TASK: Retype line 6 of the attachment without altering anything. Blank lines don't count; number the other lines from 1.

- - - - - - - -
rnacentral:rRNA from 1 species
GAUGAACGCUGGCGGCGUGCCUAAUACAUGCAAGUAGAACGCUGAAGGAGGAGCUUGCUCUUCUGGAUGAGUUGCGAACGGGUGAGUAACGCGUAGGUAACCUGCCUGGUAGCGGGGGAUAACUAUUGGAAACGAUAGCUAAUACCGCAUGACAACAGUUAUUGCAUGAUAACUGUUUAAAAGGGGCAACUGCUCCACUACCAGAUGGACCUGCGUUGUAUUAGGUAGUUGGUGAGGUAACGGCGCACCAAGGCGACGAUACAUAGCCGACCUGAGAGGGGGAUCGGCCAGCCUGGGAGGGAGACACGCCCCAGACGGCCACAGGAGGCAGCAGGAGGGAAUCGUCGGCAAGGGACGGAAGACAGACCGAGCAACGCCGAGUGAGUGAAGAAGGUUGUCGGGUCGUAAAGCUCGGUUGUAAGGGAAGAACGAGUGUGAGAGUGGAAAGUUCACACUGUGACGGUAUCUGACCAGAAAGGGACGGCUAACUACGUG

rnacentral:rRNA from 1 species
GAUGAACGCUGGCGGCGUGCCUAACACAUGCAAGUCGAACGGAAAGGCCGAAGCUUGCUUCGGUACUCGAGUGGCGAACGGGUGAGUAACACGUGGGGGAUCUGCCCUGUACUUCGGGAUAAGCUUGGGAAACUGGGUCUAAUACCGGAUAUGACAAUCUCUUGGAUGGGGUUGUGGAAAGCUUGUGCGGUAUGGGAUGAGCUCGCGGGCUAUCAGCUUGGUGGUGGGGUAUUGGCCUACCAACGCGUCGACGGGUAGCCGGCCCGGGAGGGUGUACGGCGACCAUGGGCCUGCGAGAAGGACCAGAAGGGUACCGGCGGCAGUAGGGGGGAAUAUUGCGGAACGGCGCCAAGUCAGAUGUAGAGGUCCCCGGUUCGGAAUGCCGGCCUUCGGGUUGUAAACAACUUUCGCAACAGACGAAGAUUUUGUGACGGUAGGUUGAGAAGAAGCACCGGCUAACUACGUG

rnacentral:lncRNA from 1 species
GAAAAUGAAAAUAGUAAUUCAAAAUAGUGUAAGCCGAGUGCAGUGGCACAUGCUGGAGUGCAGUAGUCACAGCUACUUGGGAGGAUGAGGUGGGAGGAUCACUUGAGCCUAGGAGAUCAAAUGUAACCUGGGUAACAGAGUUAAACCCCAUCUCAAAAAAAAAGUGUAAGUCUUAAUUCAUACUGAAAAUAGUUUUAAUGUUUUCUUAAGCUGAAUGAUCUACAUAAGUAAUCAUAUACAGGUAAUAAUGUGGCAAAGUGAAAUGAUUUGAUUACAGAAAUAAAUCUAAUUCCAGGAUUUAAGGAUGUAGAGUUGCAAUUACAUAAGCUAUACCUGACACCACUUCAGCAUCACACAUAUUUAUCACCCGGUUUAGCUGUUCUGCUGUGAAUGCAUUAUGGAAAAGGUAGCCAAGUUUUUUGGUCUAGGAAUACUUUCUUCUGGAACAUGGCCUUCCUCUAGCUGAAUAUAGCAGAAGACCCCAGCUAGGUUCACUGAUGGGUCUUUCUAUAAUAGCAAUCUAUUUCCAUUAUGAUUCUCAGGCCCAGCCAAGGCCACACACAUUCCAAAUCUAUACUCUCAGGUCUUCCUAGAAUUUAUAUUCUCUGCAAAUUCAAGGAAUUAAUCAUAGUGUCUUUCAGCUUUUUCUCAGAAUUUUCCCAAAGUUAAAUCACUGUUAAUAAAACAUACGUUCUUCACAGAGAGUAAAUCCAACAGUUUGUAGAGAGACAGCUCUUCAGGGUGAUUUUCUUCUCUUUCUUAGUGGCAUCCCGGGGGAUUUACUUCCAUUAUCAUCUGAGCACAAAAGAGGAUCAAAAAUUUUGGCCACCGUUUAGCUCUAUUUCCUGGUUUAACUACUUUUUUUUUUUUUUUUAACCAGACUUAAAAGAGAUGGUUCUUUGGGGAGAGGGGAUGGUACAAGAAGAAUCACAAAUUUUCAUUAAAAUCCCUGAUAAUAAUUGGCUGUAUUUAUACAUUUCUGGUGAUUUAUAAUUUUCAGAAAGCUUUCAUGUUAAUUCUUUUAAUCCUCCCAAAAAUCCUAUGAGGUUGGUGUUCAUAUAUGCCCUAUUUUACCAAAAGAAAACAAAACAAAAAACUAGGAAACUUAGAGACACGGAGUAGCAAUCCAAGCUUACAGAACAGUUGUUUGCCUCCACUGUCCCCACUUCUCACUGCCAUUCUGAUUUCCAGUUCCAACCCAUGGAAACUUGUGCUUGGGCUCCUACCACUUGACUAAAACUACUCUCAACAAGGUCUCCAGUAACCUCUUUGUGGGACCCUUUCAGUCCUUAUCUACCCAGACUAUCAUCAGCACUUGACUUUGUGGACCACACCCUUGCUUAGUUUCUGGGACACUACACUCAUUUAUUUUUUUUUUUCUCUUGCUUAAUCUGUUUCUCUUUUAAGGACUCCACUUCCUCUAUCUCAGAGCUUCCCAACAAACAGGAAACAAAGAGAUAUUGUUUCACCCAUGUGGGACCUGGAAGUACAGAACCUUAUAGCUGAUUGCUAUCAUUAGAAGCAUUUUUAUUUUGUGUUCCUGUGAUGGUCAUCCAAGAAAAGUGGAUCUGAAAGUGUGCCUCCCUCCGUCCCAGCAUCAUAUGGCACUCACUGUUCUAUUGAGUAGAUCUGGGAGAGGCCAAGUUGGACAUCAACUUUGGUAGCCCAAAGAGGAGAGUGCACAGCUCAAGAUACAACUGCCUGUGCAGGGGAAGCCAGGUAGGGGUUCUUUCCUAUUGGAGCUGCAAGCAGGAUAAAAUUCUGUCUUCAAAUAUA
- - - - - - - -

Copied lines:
GAAAAUGAAAAUAGUAAUUCAAAAUAGUGUAAGCCGAGUGCAGUGGCACAUGCUGGAGUGCAGUAGUCACAGCUACUUGGGAGGAUGAGGUGGGAGGAUCACUUGAGCCUAGGAGAUCAAAUGUAACCUGGGUAACAGAGUUAAACCCCAUCUCAAAAAAAAAGUGUAAGUCUUAAUUCAUACUGAAAAUAGUUUUAAUGUUUUCUUAAGCUGAAUGAUCUACAUAAGUAAUCAUAUACAGGUAAUAAUGUGGCAAAGUGAAAUGAUUUGAUUACAGAAAUAAAUCUAAUUCCAGGAUUUAAGGAUGUAGAGUUGCAAUUACAUAAGCUAUACCUGACACCACUUCAGCAUCACACAUAUUUAUCACCCGGUUUAGCUGUUCUGCUGUGAAUGCAUUAUGGAAAAGGUAGCCAAGUUUUUUGGUCUAGGAAUACUUUCUUCUGGAACAUGGCCUUCCUCUAGCUGAAUAUAGCAGAAGACCCCAGCUAGGUUCACUGAUGGGUCUUUCUAUAAUAGCAAUCUAUUUCCAUUAUGAUUCUCAGGCCCAGCCAAGGCCACACACAUUCCAAAUCUAUACUCUCAGGUCUUCCUAGAAUUUAUAUUCUCUGCAAAUUCAAGGAAUUAAUCAUAGUGUCUUUCAGCUUUUUCUCAGAAUUUUCCCAAAGUUAAAUCACUGUUAAUAAAACAUACGUUCUUCACAGAGAGUAAAUCCAACAGUUUGUAGAGAGACAGCUCUUCAGGGUGAUUUUCUUCUCUUUCUUAGUGGCAUCCCGGGGGAUUUACUUCCAUUAUCAUCUGAGCACAAAAGAGGAUCAAAAAUUUUGGCCACCGUUUAGCUCUAUUUCCUGGUUUAACUACUUUUUUUUUUUUUUUUAACCAGACUUAAAAGAGAUGGUUCUUUGGGGAGAGGGGAUGGUACAAGAAGAAUCACAAAUUUUCAUUAAAAUCCCUGAUAAUAAUUGGCUGUAUUUAUACAUUUCUGGUGAUUUAUAAUUUUCAGAAAGCUUUCAUGUUAAUUCUUUUAAUCCUCCCAAAAAUCCUAUGAGGUUGGUGUUCAUAUAUGCCCUAUUUUACCAAAAGAAAACAAAACAAAAAACUAGGAAACUUAGAGACACGGAGUAGCAAUCCAAGCUUACAGAACAGUUGUUUGCCUCCACUGUCCCCACUUCUCACUGCCAUUCUGAUUUCCAGUUCCAACCCAUGGAAACUUGUGCUUGGGCUCCUACCACUUGACUAAAACUACUCUCAACAAGGUCUCCAGUAACCUCUUUGUGGGACCCUUUCAGUCCUUAUCUACCCAGACUAUCAUCAGCACUUGACUUUGUGGACCACACCCUUGCUUAGUUUCUGGGACACUACACUCAUUUAUUUUUUUUUUUCUCUUGCUUAAUCUGUUUCUCUUUUAAGGACUCCACUUCCUCUAUCUCAGAGCUUCCCAACAAACAGGAAACAAAGAGAUAUUGUUUCACCCAUGUGGGACCUGGAAGUACAGAACCUUAUAGCUGAUUGCUAUCAUUAGAAGCAUUUUUAUUUUGUGUUCCUGUGAUGGUCAUCCAAGAAAAGUGGAUCUGAAAGUGUGCCUCCCUCCGUCCCAGCAUCAUAUGGCACUCACUGUUCUAUUGAGUAGAUCUGGGAGAGGCCAAGUUGGACAUCAACUUUGGUAGCCCAAAGAGGAGAGUGCACAGCUCAAGAUACAACUGCCUGUGCAGGGGAAGCCAGGUAGGGGUUCUUUCCUAUUGGAGCUGCAAGCAGGAUAAAAUUCUGUCUUCAAAUAUA